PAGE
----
AFD Division Chief Palmer Buck said the new station will be located at 5408 W. Hwy. 290, Austin, with the station being built on the front lot of the property. The department is ready to begin the design phase of the project, with a groundbreaking expected for June 2020 and "substantial completion" of the station in July 2021, he said.
"At this point the station is looking to be built as a four-bay station," Buck said. "We're still working through with the five stations we're building [across the city] what will be in [the bays], but it will absolutely have an ambulance and a fire engine at that station."
The new station is expected to improve response times in and around Sunset Valley, said Ronnelle Paulsen, AFD's administrative services assistant director.
Sunset Valley was one of many areas in the South Austin region that has historically suffered from poor response times. The station is one of five the department was directed to build through a May 2018 Austin City Council resolution to improve service.
The details of the new station were discussed during an update to Sunset Valley City Council regarding ongoing negotiations about a fire service agreement between the city and fire department. With a deadline to get a deal done on a new fire service contract before the current contract expires Sept. 30, the two sides are nearing an agreement.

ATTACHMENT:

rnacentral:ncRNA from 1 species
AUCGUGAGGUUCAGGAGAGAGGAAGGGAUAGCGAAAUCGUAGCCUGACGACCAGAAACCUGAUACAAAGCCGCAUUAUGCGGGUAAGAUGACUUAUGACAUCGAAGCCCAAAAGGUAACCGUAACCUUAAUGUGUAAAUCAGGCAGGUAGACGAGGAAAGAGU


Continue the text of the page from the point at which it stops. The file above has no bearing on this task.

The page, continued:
In 2018, Sunset Valley paid $500,000 as its annual fee for fire service. City Attorney Doug Young said the new contract will likely be 2% above the current rate for service and 3% over the following years. By the end of a new five-year contract, Mayor Rose Cardona said the contract would be about $588,000.
“[The contract being considered] is substantially the same as the last two contracts and uses the same formula to determine Sunset Valley’s cost of service,” Young said.
Sunset Valley has been under contract with AFD since 1998, most recently signing a five-year contract in 2012 that has been extended two additional years while negotiations have been underway.
"We don't take this contract for granted,” Paulsen said. “We appreciate the fact that we're able to provide a service in your city. It helps us to have a united system throughout the region, with [Sunset Valley] being the donut hole surrounded by our other stations.”